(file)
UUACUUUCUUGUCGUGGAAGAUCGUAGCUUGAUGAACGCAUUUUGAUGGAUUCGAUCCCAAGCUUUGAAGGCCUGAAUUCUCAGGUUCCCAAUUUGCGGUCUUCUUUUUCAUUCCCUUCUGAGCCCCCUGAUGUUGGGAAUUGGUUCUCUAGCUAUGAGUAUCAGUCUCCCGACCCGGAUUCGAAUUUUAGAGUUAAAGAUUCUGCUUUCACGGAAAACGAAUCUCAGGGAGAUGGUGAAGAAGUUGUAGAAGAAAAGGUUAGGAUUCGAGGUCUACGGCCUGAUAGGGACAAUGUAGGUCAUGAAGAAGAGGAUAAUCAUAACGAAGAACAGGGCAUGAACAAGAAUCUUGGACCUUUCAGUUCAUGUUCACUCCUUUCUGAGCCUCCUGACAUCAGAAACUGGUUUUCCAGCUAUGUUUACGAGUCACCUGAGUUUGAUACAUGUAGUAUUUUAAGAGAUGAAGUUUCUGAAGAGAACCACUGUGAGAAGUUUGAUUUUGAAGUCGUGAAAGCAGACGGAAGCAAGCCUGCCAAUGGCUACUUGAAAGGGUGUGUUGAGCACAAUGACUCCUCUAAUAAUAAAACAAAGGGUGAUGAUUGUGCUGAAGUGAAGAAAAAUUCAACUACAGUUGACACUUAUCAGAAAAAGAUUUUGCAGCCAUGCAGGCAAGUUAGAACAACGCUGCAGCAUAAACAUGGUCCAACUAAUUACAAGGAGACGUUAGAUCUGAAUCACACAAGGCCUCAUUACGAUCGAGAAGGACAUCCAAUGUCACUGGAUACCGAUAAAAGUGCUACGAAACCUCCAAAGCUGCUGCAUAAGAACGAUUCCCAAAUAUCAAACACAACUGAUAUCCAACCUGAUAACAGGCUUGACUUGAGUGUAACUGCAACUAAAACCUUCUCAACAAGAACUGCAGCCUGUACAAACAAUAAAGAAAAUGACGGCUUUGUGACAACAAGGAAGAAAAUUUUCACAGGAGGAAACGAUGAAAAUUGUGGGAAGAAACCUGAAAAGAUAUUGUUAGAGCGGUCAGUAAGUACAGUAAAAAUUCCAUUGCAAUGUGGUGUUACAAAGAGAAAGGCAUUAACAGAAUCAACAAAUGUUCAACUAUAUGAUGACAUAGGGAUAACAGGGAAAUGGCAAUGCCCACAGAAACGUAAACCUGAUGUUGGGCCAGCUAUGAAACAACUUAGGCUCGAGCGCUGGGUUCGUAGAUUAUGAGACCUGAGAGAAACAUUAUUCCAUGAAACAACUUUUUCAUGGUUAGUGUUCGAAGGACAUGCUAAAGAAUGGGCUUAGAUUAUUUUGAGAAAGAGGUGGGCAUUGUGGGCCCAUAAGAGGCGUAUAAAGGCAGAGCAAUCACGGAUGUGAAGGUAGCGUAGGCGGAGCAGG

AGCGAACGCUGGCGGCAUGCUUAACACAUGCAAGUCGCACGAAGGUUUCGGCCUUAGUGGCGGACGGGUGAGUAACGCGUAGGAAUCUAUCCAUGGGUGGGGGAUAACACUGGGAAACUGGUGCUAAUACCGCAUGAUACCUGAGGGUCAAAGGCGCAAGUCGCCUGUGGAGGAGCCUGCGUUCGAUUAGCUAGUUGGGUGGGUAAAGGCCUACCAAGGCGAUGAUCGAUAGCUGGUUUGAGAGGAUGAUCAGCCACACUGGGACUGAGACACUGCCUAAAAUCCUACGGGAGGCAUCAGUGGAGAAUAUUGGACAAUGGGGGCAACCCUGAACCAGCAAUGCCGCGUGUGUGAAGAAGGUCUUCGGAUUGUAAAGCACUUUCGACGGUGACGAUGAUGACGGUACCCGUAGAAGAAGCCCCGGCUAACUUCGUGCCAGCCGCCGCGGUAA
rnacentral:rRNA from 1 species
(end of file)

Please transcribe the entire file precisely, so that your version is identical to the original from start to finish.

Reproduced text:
UUACUUUCUUGUCGUGGAAGAUCGUAGCUUGAUGAACGCAUUUUGAUGGAUUCGAUCCCAAGCUUUGAAGGCCUGAAUUCUCAGGUUCCCAAUUUGCGGUCUUCUUUUUCAUUCCCUUCUGAGCCCCCUGAUGUUGGGAAUUGGUUCUCUAGCUAUGAGUAUCAGUCUCCCGACCCGGAUUCGAAUUUUAGAGUUAAAGAUUCUGCUUUCACGGAAAACGAAUCUCAGGGAGAUGGUGAAGAAGUUGUAGAAGAAAAGGUUAGGAUUCGAGGUCUACGGCCUGAUAGGGACAAUGUAGGUCAUGAAGAAGAGGAUAAUCAUAACGAAGAACAGGGCAUGAACAAGAAUCUUGGACCUUUCAGUUCAUGUUCACUCCUUUCUGAGCCUCCUGACAUCAGAAACUGGUUUUCCAGCUAUGUUUACGAGUCACCUGAGUUUGAUACAUGUAGUAUUUUAAGAGAUGAAGUUUCUGAAGAGAACCACUGUGAGAAGUUUGAUUUUGAAGUCGUGAAAGCAGACGGAAGCAAGCCUGCCAAUGGCUACUUGAAAGGGUGUGUUGAGCACAAUGACUCCUCUAAUAAUAAAACAAAGGGUGAUGAUUGUGCUGAAGUGAAGAAAAAUUCAACUACAGUUGACACUUAUCAGAAAAAGAUUUUGCAGCCAUGCAGGCAAGUUAGAACAACGCUGCAGCAUAAACAUGGUCCAACUAAUUACAAGGAGACGUUAGAUCUGAAUCACACAAGGCCUCAUUACGAUCGAGAAGGACAUCCAAUGUCACUGGAUACCGAUAAAAGUGCUACGAAACCUCCAAAGCUGCUGCAUAAGAACGAUUCCCAAAUAUCAAACACAACUGAUAUCCAACCUGAUAACAGGCUUGACUUGAGUGUAACUGCAACUAAAACCUUCUCAACAAGAACUGCAGCCUGUACAAACAAUAAAGAAAAUGACGGCUUUGUGACAACAAGGAAGAAAAUUUUCACAGGAGGAAACGAUGAAAAUUGUGGGAAGAAACCUGAAAAGAUAUUGUUAGAGCGGUCAGUAAGUACAGUAAAAAUUCCAUUGCAAUGUGGUGUUACAAAGAGAAAGGCAUUAACAGAAUCAACAAAUGUUCAACUAUAUGAUGACAUAGGGAUAACAGGGAAAUGGCAAUGCCCACAGAAACGUAAACCUGAUGUUGGGCCAGCUAUGAAACAACUUAGGCUCGAGCGCUGGGUUCGUAGAUUAUGAGACCUGAGAGAAACAUUAUUCCAUGAAACAACUUUUUCAUGGUUAGUGUUCGAAGGACAUGCUAAAGAAUGGGCUUAGAUUAUUUUGAGAAAGAGGUGGGCAUUGUGGGCCCAUAAGAGGCGUAUAAAGGCAGAGCAAUCACGGAUGUGAAGGUAGCGUAGGCGGAGCAGG

AGCGAACGCUGGCGGCAUGCUUAACACAUGCAAGUCGCACGAAGGUUUCGGCCUUAGUGGCGGACGGGUGAGUAACGCGUAGGAAUCUAUCCAUGGGUGGGGGAUAACACUGGGAAACUGGUGCUAAUACCGCAUGAUACCUGAGGGUCAAAGGCGCAAGUCGCCUGUGGAGGAGCCUGCGUUCGAUUAGCUAGUUGGGUGGGUAAAGGCCUACCAAGGCGAUGAUCGAUAGCUGGUUUGAGAGGAUGAUCAGCCACACUGGGACUGAGACACUGCCUAAAAUCCUACGGGAGGCAUCAGUGGAGAAUAUUGGACAAUGGGGGCAACCCUGAACCAGCAAUGCCGCGUGUGUGAAGAAGGUCUUCGGAUUGUAAAGCACUUUCGACGGUGACGAUGAUGACGGUACCCGUAGAAGAAGCCCCGGCUAACUUCGUGCCAGCCGCCGCGGUAA
rnacentral:rRNA from 1 species